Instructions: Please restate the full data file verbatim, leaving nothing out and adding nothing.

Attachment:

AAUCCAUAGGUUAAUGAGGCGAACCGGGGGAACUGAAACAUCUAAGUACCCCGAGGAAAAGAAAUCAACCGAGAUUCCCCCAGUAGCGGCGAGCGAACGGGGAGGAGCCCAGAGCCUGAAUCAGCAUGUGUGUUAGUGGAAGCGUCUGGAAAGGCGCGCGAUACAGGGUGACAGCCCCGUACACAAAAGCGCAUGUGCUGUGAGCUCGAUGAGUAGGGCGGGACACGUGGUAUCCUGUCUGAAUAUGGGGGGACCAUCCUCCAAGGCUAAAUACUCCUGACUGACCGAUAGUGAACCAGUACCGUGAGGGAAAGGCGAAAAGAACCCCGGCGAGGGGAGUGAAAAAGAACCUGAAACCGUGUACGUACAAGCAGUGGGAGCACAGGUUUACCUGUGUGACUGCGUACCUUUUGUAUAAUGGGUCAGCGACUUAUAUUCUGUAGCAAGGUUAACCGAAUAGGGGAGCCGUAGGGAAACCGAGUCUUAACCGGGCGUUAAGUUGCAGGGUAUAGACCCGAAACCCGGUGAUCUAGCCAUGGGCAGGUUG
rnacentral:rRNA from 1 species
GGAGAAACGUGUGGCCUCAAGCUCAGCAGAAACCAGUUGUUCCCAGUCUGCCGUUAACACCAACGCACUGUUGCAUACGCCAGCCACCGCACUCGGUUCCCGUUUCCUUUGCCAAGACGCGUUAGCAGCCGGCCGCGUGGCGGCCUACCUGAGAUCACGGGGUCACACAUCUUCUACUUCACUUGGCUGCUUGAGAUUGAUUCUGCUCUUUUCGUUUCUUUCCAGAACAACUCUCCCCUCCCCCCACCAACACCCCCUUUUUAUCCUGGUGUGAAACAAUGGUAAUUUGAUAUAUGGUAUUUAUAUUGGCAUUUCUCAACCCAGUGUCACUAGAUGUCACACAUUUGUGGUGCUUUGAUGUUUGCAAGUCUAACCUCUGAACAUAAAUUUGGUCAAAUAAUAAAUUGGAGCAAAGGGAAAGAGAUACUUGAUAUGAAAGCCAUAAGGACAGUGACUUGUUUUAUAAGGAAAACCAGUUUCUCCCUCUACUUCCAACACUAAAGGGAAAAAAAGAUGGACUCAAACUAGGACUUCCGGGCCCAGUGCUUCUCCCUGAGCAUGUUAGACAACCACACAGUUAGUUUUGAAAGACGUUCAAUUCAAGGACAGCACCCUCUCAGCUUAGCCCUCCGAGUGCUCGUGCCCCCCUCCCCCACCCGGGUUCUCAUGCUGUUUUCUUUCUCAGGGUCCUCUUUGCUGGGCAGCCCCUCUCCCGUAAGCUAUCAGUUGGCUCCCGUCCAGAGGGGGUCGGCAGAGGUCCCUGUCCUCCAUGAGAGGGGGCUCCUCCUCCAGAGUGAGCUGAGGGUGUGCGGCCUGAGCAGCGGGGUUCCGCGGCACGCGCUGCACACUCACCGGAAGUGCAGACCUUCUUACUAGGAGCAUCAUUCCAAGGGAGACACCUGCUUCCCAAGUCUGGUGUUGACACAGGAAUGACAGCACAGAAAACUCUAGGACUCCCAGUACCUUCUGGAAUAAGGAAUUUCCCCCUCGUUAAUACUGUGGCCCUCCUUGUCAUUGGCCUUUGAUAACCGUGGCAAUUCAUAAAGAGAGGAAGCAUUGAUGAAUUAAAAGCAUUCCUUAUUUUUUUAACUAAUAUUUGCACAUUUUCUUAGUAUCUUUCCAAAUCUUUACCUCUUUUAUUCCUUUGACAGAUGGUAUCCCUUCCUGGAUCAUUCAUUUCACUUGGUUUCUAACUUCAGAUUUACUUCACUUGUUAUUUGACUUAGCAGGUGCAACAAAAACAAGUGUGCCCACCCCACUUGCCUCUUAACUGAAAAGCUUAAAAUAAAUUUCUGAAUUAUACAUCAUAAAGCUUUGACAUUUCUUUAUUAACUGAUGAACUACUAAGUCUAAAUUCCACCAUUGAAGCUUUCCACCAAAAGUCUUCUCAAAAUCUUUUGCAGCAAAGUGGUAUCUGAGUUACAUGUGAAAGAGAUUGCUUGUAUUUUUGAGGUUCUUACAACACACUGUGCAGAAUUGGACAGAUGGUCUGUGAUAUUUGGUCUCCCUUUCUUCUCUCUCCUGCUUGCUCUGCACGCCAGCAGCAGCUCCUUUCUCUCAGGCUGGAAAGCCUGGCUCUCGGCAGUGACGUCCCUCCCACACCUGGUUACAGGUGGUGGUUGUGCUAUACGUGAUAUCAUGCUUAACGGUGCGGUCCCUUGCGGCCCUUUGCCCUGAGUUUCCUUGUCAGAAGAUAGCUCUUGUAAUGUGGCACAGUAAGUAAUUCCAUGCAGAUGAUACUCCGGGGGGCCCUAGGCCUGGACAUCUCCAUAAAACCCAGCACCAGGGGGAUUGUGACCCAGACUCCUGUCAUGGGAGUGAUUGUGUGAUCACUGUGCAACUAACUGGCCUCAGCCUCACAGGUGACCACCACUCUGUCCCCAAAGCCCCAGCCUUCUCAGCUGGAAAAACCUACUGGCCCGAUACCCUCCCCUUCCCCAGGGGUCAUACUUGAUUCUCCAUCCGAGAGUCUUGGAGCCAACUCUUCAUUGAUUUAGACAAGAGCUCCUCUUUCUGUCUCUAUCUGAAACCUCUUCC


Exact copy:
AAUCCAUAGGUUAAUGAGGCGAACCGGGGGAACUGAAACAUCUAAGUACCCCGAGGAAAAGAAAUCAACCGAGAUUCCCCCAGUAGCGGCGAGCGAACGGGGAGGAGCCCAGAGCCUGAAUCAGCAUGUGUGUUAGUGGAAGCGUCUGGAAAGGCGCGCGAUACAGGGUGACAGCCCCGUACACAAAAGCGCAUGUGCUGUGAGCUCGAUGAGUAGGGCGGGACACGUGGUAUCCUGUCUGAAUAUGGGGGGACCAUCCUCCAAGGCUAAAUACUCCUGACUGACCGAUAGUGAACCAGUACCGUGAGGGAAAGGCGAAAAGAACCCCGGCGAGGGGAGUGAAAAAGAACCUGAAACCGUGUACGUACAAGCAGUGGGAGCACAGGUUUACCUGUGUGACUGCGUACCUUUUGUAUAAUGGGUCAGCGACUUAUAUUCUGUAGCAAGGUUAACCGAAUAGGGGAGCCGUAGGGAAACCGAGUCUUAACCGGGCGUUAAGUUGCAGGGUAUAGACCCGAAACCCGGUGAUCUAGCCAUGGGCAGGUUG
rnacentral:rRNA from 1 species
GGAGAAACGUGUGGCCUCAAGCUCAGCAGAAACCAGUUGUUCCCAGUCUGCCGUUAACACCAACGCACUGUUGCAUACGCCAGCCACCGCACUCGGUUCCCGUUUCCUUUGCCAAGACGCGUUAGCAGCCGGCCGCGUGGCGGCCUACCUGAGAUCACGGGGUCACACAUCUUCUACUUCACUUGGCUGCUUGAGAUUGAUUCUGCUCUUUUCGUUUCUUUCCAGAACAACUCUCCCCUCCCCCCACCAACACCCCCUUUUUAUCCUGGUGUGAAACAAUGGUAAUUUGAUAUAUGGUAUUUAUAUUGGCAUUUCUCAACCCAGUGUCACUAGAUGUCACACAUUUGUGGUGCUUUGAUGUUUGCAAGUCUAACCUCUGAACAUAAAUUUGGUCAAAUAAUAAAUUGGAGCAAAGGGAAAGAGAUACUUGAUAUGAAAGCCAUAAGGACAGUGACUUGUUUUAUAAGGAAAACCAGUUUCUCCCUCUACUUCCAACACUAAAGGGAAAAAAAGAUGGACUCAAACUAGGACUUCCGGGCCCAGUGCUUCUCCCUGAGCAUGUUAGACAACCACACAGUUAGUUUUGAAAGACGUUCAAUUCAAGGACAGCACCCUCUCAGCUUAGCCCUCCGAGUGCUCGUGCCCCCCUCCCCCACCCGGGUUCUCAUGCUGUUUUCUUUCUCAGGGUCCUCUUUGCUGGGCAGCCCCUCUCCCGUAAGCUAUCAGUUGGCUCCCGUCCAGAGGGGGUCGGCAGAGGUCCCUGUCCUCCAUGAGAGGGGGCUCCUCCUCCAGAGUGAGCUGAGGGUGUGCGGCCUGAGCAGCGGGGUUCCGCGGCACGCGCUGCACACUCACCGGAAGUGCAGACCUUCUUACUAGGAGCAUCAUUCCAAGGGAGACACCUGCUUCCCAAGUCUGGUGUUGACACAGGAAUGACAGCACAGAAAACUCUAGGACUCCCAGUACCUUCUGGAAUAAGGAAUUUCCCCCUCGUUAAUACUGUGGCCCUCCUUGUCAUUGGCCUUUGAUAACCGUGGCAAUUCAUAAAGAGAGGAAGCAUUGAUGAAUUAAAAGCAUUCCUUAUUUUUUUAACUAAUAUUUGCACAUUUUCUUAGUAUCUUUCCAAAUCUUUACCUCUUUUAUUCCUUUGACAGAUGGUAUCCCUUCCUGGAUCAUUCAUUUCACUUGGUUUCUAACUUCAGAUUUACUUCACUUGUUAUUUGACUUAGCAGGUGCAACAAAAACAAGUGUGCCCACCCCACUUGCCUCUUAACUGAAAAGCUUAAAAUAAAUUUCUGAAUUAUACAUCAUAAAGCUUUGACAUUUCUUUAUUAACUGAUGAACUACUAAGUCUAAAUUCCACCAUUGAAGCUUUCCACCAAAAGUCUUCUCAAAAUCUUUUGCAGCAAAGUGGUAUCUGAGUUACAUGUGAAAGAGAUUGCUUGUAUUUUUGAGGUUCUUACAACACACUGUGCAGAAUUGGACAGAUGGUCUGUGAUAUUUGGUCUCCCUUUCUUCUCUCUCCUGCUUGCUCUGCACGCCAGCAGCAGCUCCUUUCUCUCAGGCUGGAAAGCCUGGCUCUCGGCAGUGACGUCCCUCCCACACCUGGUUACAGGUGGUGGUUGUGCUAUACGUGAUAUCAUGCUUAACGGUGCGGUCCCUUGCGGCCCUUUGCCCUGAGUUUCCUUGUCAGAAGAUAGCUCUUGUAAUGUGGCACAGUAAGUAAUUCCAUGCAGAUGAUACUCCGGGGGGCCCUAGGCCUGGACAUCUCCAUAAAACCCAGCACCAGGGGGAUUGUGACCCAGACUCCUGUCAUGGGAGUGAUUGUGUGAUCACUGUGCAACUAACUGGCCUCAGCCUCACAGGUGACCACCACUCUGUCCCCAAAGCCCCAGCCUUCUCAGCUGGAAAAACCUACUGGCCCGAUACCCUCCCCUUCCCCAGGGGUCAUACUUGAUUCUCCAUCCGAGAGUCUUGGAGCCAACUCUUCAUUGAUUUAGACAAGAGCUCCUCUUUCUGUCUCUAUCUGAAACCUCUUCC